WERNER HERZOG: Yes, but what meaning does it have? It doesn’t make my films better; it doesn’t make them worse that I have never had a nomination by them, that I was never invited. Which is ok, I do not mind at all.
But you’re more than a soldier.
WERNER HERZOG: No, I’m a foot soldier. I’m a good soldier.
Is it easier for you to make these smaller films?
WERNER HERZOG: No. I’ve made some much bigger films recently so I don’t worry about the size of a film. The question is the substance. But in many ways I’ve left many of the rituals behind with Family Romance. It’s very much a youthful film like I did in my 20s with Aguirre, the Wrath of God. You would not know what was coming after the next bend in the river, was it a waterfall or rapids or whatever. So it’s a film where I just rolled up my sleeves and did it. I was my own cinematographer and screenwriter and producer and director. Of course you have credits like legal council—it’s all invented. It’s a fictitious law firm, it was me. I didn’t want to write, “legal work by Werner Herzog”, but I’ve actually done my own legal work for 30 years. I do my own tax returns and accounting and I drive myself. I do the costumes like in this film and I put a name that doesn’t exist.
Are documentaries easier than fiction films?
WERNER HERZOG: The line is blurred for me but what I did here is purely a fiction film. It’s interesting that you ask because people showed me here in Cannes in Variety, the trade paper where the writers know about cinema, how they describe the film as if it is a documentary and ask why did I not in my voiceover commentary speak about he dangers of artificial family? So I’m proud that even the experts believe it’s a documentary (claps hands). It’s a compliment that it was so well done, that it looks and feels so natural.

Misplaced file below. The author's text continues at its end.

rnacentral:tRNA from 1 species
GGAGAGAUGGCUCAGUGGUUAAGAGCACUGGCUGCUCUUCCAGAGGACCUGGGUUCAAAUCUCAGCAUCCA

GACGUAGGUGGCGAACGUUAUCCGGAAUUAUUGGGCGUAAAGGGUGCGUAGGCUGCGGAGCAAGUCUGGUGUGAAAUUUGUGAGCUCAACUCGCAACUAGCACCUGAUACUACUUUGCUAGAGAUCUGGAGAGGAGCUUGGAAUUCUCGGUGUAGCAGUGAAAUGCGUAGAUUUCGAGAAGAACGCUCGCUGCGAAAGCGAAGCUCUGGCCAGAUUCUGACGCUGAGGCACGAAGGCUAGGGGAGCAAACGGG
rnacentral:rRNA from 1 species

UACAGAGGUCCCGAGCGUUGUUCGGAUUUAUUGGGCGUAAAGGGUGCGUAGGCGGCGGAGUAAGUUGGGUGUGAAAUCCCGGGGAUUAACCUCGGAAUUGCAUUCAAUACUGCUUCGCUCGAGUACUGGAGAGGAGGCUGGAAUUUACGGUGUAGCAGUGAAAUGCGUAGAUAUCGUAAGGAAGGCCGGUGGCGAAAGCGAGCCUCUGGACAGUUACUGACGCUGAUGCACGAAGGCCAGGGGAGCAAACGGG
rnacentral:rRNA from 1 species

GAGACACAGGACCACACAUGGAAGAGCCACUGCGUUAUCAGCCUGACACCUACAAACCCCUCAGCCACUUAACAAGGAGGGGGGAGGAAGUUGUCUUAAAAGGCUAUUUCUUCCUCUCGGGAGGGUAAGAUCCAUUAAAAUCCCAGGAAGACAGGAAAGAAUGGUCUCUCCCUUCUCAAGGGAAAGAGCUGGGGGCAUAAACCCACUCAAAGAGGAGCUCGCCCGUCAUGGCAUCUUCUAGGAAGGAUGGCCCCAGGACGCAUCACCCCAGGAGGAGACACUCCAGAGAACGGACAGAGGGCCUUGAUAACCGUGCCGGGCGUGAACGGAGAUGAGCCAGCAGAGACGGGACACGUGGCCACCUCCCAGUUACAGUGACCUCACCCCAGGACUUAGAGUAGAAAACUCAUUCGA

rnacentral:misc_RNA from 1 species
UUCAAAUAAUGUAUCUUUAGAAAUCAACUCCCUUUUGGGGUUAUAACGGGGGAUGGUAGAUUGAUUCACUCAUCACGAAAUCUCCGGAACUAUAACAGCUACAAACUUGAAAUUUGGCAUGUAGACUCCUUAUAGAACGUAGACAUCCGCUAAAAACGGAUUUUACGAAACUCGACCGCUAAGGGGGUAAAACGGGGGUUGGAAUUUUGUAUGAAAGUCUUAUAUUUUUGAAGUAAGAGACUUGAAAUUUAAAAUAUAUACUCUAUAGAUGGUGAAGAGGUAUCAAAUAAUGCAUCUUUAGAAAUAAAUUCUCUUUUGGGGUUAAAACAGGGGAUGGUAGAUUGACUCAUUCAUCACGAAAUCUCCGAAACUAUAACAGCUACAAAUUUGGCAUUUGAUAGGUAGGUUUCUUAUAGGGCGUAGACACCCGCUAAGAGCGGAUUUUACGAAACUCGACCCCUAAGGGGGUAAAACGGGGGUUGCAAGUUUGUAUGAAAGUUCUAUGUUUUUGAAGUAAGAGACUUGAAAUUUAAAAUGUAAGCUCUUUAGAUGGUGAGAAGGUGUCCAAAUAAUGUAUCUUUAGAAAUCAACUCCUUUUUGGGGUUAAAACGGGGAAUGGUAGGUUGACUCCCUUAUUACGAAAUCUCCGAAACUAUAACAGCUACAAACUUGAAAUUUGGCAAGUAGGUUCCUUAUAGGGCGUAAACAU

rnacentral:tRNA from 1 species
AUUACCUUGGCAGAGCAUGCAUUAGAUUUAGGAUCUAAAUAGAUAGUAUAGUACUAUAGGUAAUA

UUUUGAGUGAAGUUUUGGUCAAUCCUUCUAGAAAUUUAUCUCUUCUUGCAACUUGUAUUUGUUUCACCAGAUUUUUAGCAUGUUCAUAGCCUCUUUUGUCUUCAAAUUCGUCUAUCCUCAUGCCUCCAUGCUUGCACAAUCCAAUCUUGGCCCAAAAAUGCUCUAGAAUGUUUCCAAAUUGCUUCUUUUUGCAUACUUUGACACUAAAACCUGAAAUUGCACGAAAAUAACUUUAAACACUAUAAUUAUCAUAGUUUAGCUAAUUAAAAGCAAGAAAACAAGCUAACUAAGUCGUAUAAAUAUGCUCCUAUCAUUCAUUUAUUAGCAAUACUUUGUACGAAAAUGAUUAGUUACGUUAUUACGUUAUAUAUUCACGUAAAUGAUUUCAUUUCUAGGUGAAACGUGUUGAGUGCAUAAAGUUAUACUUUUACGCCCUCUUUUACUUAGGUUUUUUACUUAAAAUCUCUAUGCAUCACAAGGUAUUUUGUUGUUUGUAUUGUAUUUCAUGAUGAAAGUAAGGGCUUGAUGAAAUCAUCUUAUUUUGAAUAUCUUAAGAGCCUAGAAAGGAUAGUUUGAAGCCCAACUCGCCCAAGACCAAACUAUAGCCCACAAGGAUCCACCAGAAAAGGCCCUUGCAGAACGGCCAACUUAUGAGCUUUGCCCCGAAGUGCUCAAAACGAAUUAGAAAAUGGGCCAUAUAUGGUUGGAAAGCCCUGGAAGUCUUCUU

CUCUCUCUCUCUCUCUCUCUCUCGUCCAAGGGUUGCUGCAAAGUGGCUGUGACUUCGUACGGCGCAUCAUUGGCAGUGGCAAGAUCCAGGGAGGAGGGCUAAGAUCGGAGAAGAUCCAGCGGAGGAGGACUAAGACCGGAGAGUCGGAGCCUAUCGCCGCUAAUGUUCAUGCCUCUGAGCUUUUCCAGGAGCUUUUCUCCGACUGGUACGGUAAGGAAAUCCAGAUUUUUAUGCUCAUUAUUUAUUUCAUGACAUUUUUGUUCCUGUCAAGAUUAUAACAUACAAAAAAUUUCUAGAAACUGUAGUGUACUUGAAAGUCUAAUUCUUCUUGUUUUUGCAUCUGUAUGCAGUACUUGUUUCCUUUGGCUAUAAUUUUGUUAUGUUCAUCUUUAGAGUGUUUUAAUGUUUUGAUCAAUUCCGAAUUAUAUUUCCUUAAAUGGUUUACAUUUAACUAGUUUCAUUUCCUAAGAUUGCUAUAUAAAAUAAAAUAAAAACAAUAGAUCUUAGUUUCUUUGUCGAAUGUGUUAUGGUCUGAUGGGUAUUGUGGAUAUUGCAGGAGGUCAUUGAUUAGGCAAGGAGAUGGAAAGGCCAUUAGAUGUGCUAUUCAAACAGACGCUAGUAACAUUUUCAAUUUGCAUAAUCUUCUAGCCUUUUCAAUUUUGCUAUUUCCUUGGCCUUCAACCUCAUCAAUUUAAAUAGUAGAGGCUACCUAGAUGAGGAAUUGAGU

You seem to be more drawn to humanist themes than when you started out.
WERNER HERZOG: In all my films there’s always a common worldview. The subjects are very different, but if you didn’t see any credits you would know it’s a Werner Herzog film.
What is that worldview?
WERNER HERZOG: Watch 70-plus films and you would have some vague idea. I can’t discuss 70 films.
You’re now a cult figure for young audiences like John Carpenter.
WERNER HERZOG: Actually it’s the 15 years olds who are responding to my films. They send me the emails because all of a sudden my films are available on the internet and this is wonderful. They are curious and want to work with me and see more.
That gives you hope?
WERNER HERZOG: No, I always had hope. I was all right with what I was doing.
Why did you want to do The Mandalorian series?
WERNER HERZOG: Because I was invited and I asked for the screenplays and they made a lot of sense, even though I’m not familiar with Star Wars. It looked good and I had the feeling I could do it and I have rejected many other offers. Many. I had the sense I could do it like Jack Reacher. I knew I could be frightening on the set although in private I’m different. My wife will testify to you that I’m a fluffy husband. I also financed Family Romance out of my own pocket, so bit by bit I’m earning the money back.